AUTO UPDATE THE DEFAULT DATE in SQL Server

In a previous post, it was explained how to update the default date or date column in MySQL when a row gets updated. The clause “ON UPDATE CURRENT TIMESTAMP” is the way to define a default value for UPDATE.

However, there isn’t a clause like that in SQL Server (up till 2016).

To represent the date the row was updated, you must therefore create a trigger to update the “modified date” column. Here is an example –

CREATE TABLE MyTable
(
Id INT PRIMARY KEY,
StudentName VARCHAR(50) NOT NULL,
Address1 VARCHAR(50),
Address2 VARCHAR(50),
State VARCHAR(50),
dtJoined DATETIME DEFAULT CURRENT_TIMESTAMP,
dtLastUpdated DATETIME DEFAULT CURRENT_TIMESTAMP
);

CREATE TRIGGER trgLastUpdated ON MyTable
AFTER UPDATE AS
BEGIN
UPDATE MyTable SET dtLastUpdated = GETDATE()
WHERE Id IN (SELECT Id FROM Inserted);
END;

You can use “PERIOD FOR SYSTEM TIME” in SQL Server 2016, which is the equivalent of MySQL’s “ON UPDATE CURRENT TIMESTAMP”. An example is given below-

CREATE TABLE MyTable
( Id INT IDENTITY(1,1) PRIMARY KEY CLUSTERED,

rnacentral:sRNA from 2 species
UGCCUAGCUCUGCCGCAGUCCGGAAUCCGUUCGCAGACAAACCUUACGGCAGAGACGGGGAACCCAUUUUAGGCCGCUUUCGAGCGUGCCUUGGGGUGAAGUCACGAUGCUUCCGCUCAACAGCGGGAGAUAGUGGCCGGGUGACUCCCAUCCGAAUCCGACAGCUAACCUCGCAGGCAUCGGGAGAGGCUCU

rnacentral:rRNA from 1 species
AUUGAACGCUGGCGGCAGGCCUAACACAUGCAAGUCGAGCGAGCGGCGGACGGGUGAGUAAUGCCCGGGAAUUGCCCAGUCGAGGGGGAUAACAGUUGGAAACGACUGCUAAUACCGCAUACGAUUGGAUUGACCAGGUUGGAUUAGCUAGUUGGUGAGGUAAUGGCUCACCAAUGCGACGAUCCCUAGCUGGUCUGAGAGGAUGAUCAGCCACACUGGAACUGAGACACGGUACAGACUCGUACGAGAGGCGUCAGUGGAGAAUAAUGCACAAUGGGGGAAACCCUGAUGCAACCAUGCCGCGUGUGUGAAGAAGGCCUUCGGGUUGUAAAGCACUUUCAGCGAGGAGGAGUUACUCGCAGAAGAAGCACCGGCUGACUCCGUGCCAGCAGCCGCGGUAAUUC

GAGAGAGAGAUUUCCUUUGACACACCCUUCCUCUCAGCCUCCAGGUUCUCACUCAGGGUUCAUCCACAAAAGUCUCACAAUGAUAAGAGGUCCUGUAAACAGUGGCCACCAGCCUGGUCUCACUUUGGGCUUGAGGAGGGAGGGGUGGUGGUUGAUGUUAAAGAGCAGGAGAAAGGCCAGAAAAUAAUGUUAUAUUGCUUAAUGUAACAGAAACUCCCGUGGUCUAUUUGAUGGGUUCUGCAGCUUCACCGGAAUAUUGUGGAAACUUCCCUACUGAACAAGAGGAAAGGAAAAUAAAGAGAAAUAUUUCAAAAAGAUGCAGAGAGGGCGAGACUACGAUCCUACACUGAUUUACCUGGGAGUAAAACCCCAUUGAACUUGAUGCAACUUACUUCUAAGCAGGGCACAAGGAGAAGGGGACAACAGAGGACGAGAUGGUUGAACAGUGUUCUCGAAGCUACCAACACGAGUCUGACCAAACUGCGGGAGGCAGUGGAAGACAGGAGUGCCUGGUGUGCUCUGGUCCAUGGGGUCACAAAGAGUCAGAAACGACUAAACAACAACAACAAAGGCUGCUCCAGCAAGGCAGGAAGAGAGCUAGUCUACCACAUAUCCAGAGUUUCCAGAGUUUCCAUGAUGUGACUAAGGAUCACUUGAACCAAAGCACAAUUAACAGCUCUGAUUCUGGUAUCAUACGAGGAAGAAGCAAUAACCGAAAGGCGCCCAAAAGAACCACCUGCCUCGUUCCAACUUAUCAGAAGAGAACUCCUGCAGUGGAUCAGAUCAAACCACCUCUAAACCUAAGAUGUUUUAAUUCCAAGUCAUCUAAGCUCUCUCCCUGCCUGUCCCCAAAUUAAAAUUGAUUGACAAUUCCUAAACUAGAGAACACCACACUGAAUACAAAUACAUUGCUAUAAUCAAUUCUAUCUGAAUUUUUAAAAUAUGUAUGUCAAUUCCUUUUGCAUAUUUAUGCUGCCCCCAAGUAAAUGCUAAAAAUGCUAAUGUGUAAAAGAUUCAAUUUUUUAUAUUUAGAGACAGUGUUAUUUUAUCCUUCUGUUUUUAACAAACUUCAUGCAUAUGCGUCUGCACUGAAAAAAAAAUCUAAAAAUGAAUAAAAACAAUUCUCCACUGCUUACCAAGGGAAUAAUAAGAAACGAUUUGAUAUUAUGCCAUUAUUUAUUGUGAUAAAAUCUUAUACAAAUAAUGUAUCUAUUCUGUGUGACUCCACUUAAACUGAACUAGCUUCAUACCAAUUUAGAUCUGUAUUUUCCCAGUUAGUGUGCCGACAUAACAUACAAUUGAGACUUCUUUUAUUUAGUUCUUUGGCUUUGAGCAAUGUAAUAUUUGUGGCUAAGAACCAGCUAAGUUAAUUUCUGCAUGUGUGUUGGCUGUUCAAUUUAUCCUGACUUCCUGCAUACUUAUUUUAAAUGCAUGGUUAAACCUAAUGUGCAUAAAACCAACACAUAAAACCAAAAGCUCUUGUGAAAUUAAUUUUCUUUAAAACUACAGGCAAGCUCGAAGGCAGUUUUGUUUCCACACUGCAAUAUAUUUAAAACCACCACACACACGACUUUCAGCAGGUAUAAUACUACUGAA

StudentName VARCHAR(50) NOT NULL,
Address1 VARCHAR(50),
Address2 VARCHAR(50),
State VARCHAR(50),
dtJoined DATETIME2 DEFAULT CURRENT_TIMESTAMP,
LastUpdated DATETIME2 GENERATED ALWAYS AS ROW START NOT NULL,
LastUpdated2 DATETIME2 GENERATED ALWAYS AS ROW END HIDDEN NOT NULL,
PERIOD FOR SYSTEM_TIME (LastUpdated,LastUpdated2) );

INSERT INTO MyTable (StudentName, Address1, Address2, State) VALUES
(‘Zafar Iqbal’,’DubaiLand’,’F412′,’Dubai’),
(‘Tahir Iqbal’,’DubaiLand’,’F413′,’Dubai’),
(‘Shafi Shaik’,’DubaiLand’,’F720′,’Dubai’);

Now, let’s test it with an UPDATE statement.

SELECT * FROM MyTable;
UPDATE MyTable SET Address2 = ‘F513’ WHERE Id=2;
SELECT * FROM MyTable;

Result:
SQLServer_AUTO_UPDATE

Hope you find this article helpful.

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